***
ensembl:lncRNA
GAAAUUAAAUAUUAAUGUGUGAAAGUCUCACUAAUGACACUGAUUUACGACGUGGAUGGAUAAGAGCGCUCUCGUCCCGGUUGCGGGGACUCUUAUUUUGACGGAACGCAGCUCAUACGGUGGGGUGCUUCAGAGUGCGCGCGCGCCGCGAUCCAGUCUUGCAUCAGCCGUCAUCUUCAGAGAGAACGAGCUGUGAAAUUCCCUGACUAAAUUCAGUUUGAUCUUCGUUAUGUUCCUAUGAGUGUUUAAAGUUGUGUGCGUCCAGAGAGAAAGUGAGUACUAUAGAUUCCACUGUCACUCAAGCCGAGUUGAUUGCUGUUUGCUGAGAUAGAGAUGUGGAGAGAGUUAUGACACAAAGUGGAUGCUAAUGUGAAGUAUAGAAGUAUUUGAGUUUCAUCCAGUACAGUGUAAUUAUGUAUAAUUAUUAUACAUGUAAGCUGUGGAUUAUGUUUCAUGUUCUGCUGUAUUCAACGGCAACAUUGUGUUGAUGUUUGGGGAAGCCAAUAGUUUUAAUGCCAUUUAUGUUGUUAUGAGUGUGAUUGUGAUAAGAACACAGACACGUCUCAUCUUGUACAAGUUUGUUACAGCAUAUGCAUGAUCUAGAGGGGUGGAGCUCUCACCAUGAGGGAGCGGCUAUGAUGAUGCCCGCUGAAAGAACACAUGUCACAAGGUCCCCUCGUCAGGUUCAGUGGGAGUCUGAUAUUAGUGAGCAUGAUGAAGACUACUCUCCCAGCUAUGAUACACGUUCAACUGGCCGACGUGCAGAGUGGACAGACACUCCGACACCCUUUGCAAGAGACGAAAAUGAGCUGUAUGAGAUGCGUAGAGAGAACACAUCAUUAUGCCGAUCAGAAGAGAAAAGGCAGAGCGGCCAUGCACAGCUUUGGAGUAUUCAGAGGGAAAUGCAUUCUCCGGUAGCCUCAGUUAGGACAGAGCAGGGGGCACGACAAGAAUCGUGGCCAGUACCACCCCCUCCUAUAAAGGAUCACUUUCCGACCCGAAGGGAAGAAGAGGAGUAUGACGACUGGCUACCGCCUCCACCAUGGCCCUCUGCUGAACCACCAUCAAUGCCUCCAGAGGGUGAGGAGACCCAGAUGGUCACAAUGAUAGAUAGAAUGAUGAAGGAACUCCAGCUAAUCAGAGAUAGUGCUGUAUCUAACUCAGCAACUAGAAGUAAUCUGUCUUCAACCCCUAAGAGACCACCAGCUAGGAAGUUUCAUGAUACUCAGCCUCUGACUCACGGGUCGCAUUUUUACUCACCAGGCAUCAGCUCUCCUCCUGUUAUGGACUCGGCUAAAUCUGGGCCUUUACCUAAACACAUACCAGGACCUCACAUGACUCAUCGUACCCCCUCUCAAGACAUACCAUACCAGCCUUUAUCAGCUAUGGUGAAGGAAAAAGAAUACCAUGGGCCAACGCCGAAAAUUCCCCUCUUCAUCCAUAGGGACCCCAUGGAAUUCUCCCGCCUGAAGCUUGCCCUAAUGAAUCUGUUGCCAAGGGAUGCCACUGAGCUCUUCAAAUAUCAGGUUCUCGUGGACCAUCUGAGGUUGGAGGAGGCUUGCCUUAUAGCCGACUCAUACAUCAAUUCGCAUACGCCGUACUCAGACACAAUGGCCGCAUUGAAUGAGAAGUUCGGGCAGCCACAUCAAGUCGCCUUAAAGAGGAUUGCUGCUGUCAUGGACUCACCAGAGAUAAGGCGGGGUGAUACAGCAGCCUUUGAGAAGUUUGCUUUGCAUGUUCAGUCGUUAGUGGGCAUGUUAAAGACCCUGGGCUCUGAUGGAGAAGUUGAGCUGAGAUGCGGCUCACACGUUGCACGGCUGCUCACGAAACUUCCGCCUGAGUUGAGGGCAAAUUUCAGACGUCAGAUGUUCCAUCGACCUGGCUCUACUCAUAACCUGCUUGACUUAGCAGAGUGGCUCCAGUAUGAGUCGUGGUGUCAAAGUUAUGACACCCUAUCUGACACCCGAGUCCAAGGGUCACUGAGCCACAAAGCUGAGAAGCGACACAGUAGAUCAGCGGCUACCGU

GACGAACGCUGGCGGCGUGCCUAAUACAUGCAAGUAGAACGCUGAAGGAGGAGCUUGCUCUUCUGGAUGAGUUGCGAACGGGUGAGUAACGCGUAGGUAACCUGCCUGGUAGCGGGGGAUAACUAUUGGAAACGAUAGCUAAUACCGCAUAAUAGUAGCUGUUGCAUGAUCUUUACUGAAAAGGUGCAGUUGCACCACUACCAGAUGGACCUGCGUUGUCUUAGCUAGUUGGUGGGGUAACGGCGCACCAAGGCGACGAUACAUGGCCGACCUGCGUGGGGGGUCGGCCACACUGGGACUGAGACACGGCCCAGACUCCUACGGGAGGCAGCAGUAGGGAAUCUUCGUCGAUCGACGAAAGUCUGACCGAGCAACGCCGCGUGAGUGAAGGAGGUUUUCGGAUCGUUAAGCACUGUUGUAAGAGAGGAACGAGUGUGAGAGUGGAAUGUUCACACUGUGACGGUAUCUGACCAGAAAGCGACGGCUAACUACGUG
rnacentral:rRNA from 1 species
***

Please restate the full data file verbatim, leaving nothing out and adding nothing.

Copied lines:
ensembl:lncRNA
GAAAUUAAAUAUUAAUGUGUGAAAGUCUCACUAAUGACACUGAUUUACGACGUGGAUGGAUAAGAGCGCUCUCGUCCCGGUUGCGGGGACUCUUAUUUUGACGGAACGCAGCUCAUACGGUGGGGUGCUUCAGAGUGCGCGCGCGCCGCGAUCCAGUCUUGCAUCAGCCGUCAUCUUCAGAGAGAACGAGCUGUGAAAUUCCCUGACUAAAUUCAGUUUGAUCUUCGUUAUGUUCCUAUGAGUGUUUAAAGUUGUGUGCGUCCAGAGAGAAAGUGAGUACUAUAGAUUCCACUGUCACUCAAGCCGAGUUGAUUGCUGUUUGCUGAGAUAGAGAUGUGGAGAGAGUUAUGACACAAAGUGGAUGCUAAUGUGAAGUAUAGAAGUAUUUGAGUUUCAUCCAGUACAGUGUAAUUAUGUAUAAUUAUUAUACAUGUAAGCUGUGGAUUAUGUUUCAUGUUCUGCUGUAUUCAACGGCAACAUUGUGUUGAUGUUUGGGGAAGCCAAUAGUUUUAAUGCCAUUUAUGUUGUUAUGAGUGUGAUUGUGAUAAGAACACAGACACGUCUCAUCUUGUACAAGUUUGUUACAGCAUAUGCAUGAUCUAGAGGGGUGGAGCUCUCACCAUGAGGGAGCGGCUAUGAUGAUGCCCGCUGAAAGAACACAUGUCACAAGGUCCCCUCGUCAGGUUCAGUGGGAGUCUGAUAUUAGUGAGCAUGAUGAAGACUACUCUCCCAGCUAUGAUACACGUUCAACUGGCCGACGUGCAGAGUGGACAGACACUCCGACACCCUUUGCAAGAGACGAAAAUGAGCUGUAUGAGAUGCGUAGAGAGAACACAUCAUUAUGCCGAUCAGAAGAGAAAAGGCAGAGCGGCCAUGCACAGCUUUGGAGUAUUCAGAGGGAAAUGCAUUCUCCGGUAGCCUCAGUUAGGACAGAGCAGGGGGCACGACAAGAAUCGUGGCCAGUACCACCCCCUCCUAUAAAGGAUCACUUUCCGACCCGAAGGGAAGAAGAGGAGUAUGACGACUGGCUACCGCCUCCACCAUGGCCCUCUGCUGAACCACCAUCAAUGCCUCCAGAGGGUGAGGAGACCCAGAUGGUCACAAUGAUAGAUAGAAUGAUGAAGGAACUCCAGCUAAUCAGAGAUAGUGCUGUAUCUAACUCAGCAACUAGAAGUAAUCUGUCUUCAACCCCUAAGAGACCACCAGCUAGGAAGUUUCAUGAUACUCAGCCUCUGACUCACGGGUCGCAUUUUUACUCACCAGGCAUCAGCUCUCCUCCUGUUAUGGACUCGGCUAAAUCUGGGCCUUUACCUAAACACAUACCAGGACCUCACAUGACUCAUCGUACCCCCUCUCAAGACAUACCAUACCAGCCUUUAUCAGCUAUGGUGAAGGAAAAAGAAUACCAUGGGCCAACGCCGAAAAUUCCCCUCUUCAUCCAUAGGGACCCCAUGGAAUUCUCCCGCCUGAAGCUUGCCCUAAUGAAUCUGUUGCCAAGGGAUGCCACUGAGCUCUUCAAAUAUCAGGUUCUCGUGGACCAUCUGAGGUUGGAGGAGGCUUGCCUUAUAGCCGACUCAUACAUCAAUUCGCAUACGCCGUACUCAGACACAAUGGCCGCAUUGAAUGAGAAGUUCGGGCAGCCACAUCAAGUCGCCUUAAAGAGGAUUGCUGCUGUCAUGGACUCACCAGAGAUAAGGCGGGGUGAUACAGCAGCCUUUGAGAAGUUUGCUUUGCAUGUUCAGUCGUUAGUGGGCAUGUUAAAGACCCUGGGCUCUGAUGGAGAAGUUGAGCUGAGAUGCGGCUCACACGUUGCACGGCUGCUCACGAAACUUCCGCCUGAGUUGAGGGCAAAUUUCAGACGUCAGAUGUUCCAUCGACCUGGCUCUACUCAUAACCUGCUUGACUUAGCAGAGUGGCUCCAGUAUGAGUCGUGGUGUCAAAGUUAUGACACCCUAUCUGACACCCGAGUCCAAGGGUCACUGAGCCACAAAGCUGAGAAGCGACACAGUAGAUCAGCGGCUACCGU

GACGAACGCUGGCGGCGUGCCUAAUACAUGCAAGUAGAACGCUGAAGGAGGAGCUUGCUCUUCUGGAUGAGUUGCGAACGGGUGAGUAACGCGUAGGUAACCUGCCUGGUAGCGGGGGAUAACUAUUGGAAACGAUAGCUAAUACCGCAUAAUAGUAGCUGUUGCAUGAUCUUUACUGAAAAGGUGCAGUUGCACCACUACCAGAUGGACCUGCGUUGUCUUAGCUAGUUGGUGGGGUAACGGCGCACCAAGGCGACGAUACAUGGCCGACCUGCGUGGGGGGUCGGCCACACUGGGACUGAGACACGGCCCAGACUCCUACGGGAGGCAGCAGUAGGGAAUCUUCGUCGAUCGACGAAAGUCUGACCGAGCAACGCCGCGUGAGUGAAGGAGGUUUUCGGAUCGUUAAGCACUGUUGUAAGAGAGGAACGAGUGUGAGAGUGGAAUGUUCACACUGUGACGGUAUCUGACCAGAAAGCGACGGCUAACUACGUG
rnacentral:rRNA from 1 species